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How King’s College International School Bangkok guides students to achieve their full potential

by Aiden

Insights from Founding Head and Headmaster Thomas Banyard.

Undeterred by the changing landscape of education this year, King’s College International School Bangkok opened its doors in September to over 300 students from Nursery to Year Six, with plans to open Years Seven to Ten by 2021. Affiliated with and in close partnership with King’s College School, Wimbledon, renowned as one of the world’ most academically-successful schools, the institution aims to bring the same ethos of academic and personal excellence to their campus in Bangkok.

“Here, we are creating a culture where children can follow their interests and be the person they wish to become,” Thomas Banyard, the school’s Founding Head and Headmaster, explains. “Our ultimate goal is to build great hearts, and not just to develop great minds.” Born in England, Thomas did both his undergraduate degree in Physics and teaching qualification (PGCE) at Oxford University, where he received first-class honours in the former. A teaching alum of King’s Wimbledon, where he was Head of Physics; as well as RDFZ King’s College School Hangzhou, China, where he was the Head of the co-curriculum programme and Head of the international school; Thomas has a deep and studied familiarity with King’s core values and educational style. He brings to bear his years of experience to help develop King’s Bangkok to the same level of success as its sister schools abroad.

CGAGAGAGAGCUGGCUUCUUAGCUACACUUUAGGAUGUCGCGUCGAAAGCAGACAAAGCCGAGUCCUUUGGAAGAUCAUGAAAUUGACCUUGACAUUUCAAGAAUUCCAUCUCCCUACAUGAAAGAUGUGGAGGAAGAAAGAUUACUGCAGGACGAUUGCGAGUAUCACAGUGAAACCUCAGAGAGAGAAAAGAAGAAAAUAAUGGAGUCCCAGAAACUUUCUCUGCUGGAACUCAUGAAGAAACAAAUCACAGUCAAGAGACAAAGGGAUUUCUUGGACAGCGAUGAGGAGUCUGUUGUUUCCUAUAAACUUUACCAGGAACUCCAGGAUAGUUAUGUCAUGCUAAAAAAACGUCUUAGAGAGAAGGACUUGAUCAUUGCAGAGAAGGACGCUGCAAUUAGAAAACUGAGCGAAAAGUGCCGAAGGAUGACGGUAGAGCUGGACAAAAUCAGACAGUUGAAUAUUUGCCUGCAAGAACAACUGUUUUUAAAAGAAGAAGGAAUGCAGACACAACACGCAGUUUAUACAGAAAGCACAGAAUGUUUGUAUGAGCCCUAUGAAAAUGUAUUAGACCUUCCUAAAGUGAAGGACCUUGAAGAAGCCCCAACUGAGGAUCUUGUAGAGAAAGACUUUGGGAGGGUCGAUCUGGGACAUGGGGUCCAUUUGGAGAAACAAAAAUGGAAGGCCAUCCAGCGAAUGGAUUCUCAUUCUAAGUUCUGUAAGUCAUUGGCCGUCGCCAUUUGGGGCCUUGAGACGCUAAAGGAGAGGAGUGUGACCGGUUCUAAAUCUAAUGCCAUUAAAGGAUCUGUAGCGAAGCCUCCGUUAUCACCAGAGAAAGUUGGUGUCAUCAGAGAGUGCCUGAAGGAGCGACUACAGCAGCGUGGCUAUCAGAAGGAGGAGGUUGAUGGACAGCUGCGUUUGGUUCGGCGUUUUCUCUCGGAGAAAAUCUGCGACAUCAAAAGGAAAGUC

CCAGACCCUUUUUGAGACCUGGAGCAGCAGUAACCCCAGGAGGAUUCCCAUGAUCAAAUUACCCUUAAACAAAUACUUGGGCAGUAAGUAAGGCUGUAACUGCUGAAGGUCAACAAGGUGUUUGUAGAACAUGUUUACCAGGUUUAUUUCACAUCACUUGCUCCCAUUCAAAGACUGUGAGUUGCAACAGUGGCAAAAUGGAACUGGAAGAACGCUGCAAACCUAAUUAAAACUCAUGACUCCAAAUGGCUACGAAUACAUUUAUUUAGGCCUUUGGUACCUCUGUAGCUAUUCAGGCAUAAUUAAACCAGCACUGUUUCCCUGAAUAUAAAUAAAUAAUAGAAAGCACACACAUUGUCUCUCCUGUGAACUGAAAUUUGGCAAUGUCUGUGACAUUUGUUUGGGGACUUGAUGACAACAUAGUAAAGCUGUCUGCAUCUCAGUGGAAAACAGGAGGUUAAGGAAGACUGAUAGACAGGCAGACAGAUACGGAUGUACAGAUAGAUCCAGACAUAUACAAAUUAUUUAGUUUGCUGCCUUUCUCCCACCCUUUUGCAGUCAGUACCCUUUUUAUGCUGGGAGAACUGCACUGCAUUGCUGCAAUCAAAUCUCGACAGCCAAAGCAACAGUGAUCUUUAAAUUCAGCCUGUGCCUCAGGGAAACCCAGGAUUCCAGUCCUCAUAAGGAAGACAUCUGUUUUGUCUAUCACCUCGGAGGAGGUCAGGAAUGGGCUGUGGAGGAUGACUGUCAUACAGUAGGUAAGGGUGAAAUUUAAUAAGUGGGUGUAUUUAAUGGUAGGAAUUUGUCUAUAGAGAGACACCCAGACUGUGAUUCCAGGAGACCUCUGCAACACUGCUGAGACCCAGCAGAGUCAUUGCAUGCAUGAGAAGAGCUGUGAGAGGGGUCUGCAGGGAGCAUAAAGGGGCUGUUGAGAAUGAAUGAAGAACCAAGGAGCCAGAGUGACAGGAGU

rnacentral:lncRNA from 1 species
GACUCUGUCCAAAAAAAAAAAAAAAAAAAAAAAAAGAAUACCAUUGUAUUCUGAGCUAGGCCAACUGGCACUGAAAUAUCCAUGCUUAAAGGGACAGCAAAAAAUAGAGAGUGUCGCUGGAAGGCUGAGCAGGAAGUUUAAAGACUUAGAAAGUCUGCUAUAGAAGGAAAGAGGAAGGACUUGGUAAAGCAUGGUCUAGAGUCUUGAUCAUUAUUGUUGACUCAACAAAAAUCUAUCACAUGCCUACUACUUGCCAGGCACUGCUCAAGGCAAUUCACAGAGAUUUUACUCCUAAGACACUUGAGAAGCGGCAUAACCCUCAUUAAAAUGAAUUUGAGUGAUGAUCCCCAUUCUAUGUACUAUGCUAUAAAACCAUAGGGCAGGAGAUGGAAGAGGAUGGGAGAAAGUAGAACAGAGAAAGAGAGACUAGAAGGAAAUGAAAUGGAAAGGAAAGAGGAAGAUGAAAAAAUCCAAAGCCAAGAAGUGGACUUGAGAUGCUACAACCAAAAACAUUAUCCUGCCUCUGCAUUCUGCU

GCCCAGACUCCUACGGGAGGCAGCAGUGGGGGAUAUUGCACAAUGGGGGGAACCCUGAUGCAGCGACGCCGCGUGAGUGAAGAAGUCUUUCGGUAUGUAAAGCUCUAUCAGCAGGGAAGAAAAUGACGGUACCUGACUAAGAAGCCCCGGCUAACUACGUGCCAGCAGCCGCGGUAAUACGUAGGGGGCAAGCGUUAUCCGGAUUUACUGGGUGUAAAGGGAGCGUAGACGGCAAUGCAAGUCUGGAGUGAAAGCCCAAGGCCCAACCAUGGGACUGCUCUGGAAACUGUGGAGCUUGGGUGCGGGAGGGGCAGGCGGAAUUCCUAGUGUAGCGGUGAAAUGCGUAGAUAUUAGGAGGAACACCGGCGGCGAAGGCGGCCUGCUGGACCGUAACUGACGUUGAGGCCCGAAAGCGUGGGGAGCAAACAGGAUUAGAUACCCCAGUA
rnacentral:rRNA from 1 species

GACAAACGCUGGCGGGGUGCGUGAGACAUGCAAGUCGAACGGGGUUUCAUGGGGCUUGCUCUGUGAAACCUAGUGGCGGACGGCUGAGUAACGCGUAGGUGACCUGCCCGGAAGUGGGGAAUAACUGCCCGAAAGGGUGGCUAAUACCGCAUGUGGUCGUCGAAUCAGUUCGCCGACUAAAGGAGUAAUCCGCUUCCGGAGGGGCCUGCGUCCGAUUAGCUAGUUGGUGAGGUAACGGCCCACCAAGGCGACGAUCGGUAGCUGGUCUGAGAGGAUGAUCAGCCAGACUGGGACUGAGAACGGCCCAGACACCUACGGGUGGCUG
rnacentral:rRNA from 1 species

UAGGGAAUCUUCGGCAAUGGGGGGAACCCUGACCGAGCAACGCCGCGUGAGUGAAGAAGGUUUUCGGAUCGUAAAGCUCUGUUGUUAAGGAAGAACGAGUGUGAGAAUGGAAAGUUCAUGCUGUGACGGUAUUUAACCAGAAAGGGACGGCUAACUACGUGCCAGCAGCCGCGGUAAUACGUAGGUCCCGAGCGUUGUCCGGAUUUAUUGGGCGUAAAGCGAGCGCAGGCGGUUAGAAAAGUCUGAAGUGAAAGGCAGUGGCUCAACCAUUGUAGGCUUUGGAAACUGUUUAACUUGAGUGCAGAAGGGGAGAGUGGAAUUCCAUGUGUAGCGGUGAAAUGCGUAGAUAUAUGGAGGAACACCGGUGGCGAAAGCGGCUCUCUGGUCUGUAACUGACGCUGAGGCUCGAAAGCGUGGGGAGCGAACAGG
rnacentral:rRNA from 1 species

Masala sat down with Thomas to ask him about the school’s unique vision and facilities, as well as the ways they nurture their students towards doing and feeling their best.

What led you to found King’s College in Thailand?
Once I began work at King’s Wimbledon, I knew that I was part of a special school. The reason we’re one of the most academically-successful schools worldwide is that we educate the whole child.